The run-up seen in fast moving consumer goods (FMCG) stocks over the week has raised doubts over the conviction and durability of the stock market surge seen since the start of the month.
FMCG stocks, considered to be low-beta and safe haven bets, have outperformed the benchmark indices in the past week, signalling investors are still sceptical about market prospects and prefer to take refuge in these counters, despite their rich valuations.
The Bombay Stock Exchange (BSE) FMCG index has gained nearly seven per cent from its low at the start of this month, while the BSE benchmark, Sensex, has advanced less than six per cent. Shares of Hindustan Unilever Ltd (HUL) touched a lifetime high of Rs 445.90 on Wednesday.
“FMCG stocks doing well tells us the flight for safety is still on,” said Raamdeo Agrawal, joint managing director, Motilal Oswal Financial Services. “Such stocks do well when the market is in a bearish phase.
“The positive run in FMCG stocks indicates there isn't much confidence in the recent market surge and there is still fear among investors,” said Sandip Sabharwal, chief executive (portfolio management services), Prabhudas Lilladher.
On a year-to-date return basis, the 10-stock BSE FMCG index has delivered double the returns of key benchmark indices. While the Sensex has gained just nine per cent, the FMCG index is up 18.5 per cent so far this year. HUL has gained about 10 per cent this year, with ITC and Nestle soaring 21 per cent and 10.5 per cent, respectively.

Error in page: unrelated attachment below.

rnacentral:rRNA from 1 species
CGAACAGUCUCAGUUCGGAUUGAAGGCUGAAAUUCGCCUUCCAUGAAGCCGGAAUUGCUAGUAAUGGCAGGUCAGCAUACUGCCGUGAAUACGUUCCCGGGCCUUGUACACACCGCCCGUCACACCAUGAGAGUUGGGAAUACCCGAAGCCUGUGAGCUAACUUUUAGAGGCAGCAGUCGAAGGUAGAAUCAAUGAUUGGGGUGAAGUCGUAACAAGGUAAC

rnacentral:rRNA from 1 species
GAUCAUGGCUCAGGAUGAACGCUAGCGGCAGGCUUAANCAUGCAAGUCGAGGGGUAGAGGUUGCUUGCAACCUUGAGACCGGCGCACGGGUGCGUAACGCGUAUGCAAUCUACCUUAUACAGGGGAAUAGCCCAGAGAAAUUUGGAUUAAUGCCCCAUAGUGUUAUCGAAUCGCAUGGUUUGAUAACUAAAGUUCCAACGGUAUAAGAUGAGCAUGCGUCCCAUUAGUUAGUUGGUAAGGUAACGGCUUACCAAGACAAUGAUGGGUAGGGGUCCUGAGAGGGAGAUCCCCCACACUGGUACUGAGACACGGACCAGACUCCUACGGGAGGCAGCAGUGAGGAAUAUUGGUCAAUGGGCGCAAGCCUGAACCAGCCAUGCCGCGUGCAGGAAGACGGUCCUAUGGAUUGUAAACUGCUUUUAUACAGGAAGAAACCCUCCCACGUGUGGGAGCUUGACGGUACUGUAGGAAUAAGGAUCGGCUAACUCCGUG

The sharp run-up in these stocks in the past year has seen their valuations soar to record levels.
While HUL is currently trading at a price-to-earnings (PE) multiple of 35 times against its five-year average of 28.5, ITC's PE multiple is at 30.3 against its five-year average of 26 times. The Sensex valuation, meanwhile, has declined to 14.5 times against its historical average of 17.5.
A lot of brokerages, in the past few months, had advised remaining overweight on FMCG stocks.
Experts say one cannot expect significant outperformance from these stocks over the current levels due to their rich valuations, but they are unlikely to go out of favour with investors till the market undertone turns bullish.
“When the economy starts doing well and the investment activity starts getting back on track, these stocks will start underperforming,” said Sabharwal.
Historically, defensive sectors such as FMCG have moved in a direction opposite to the market. While these stocks tend to underperform when the market rallies, they tend to outperform when the market falls.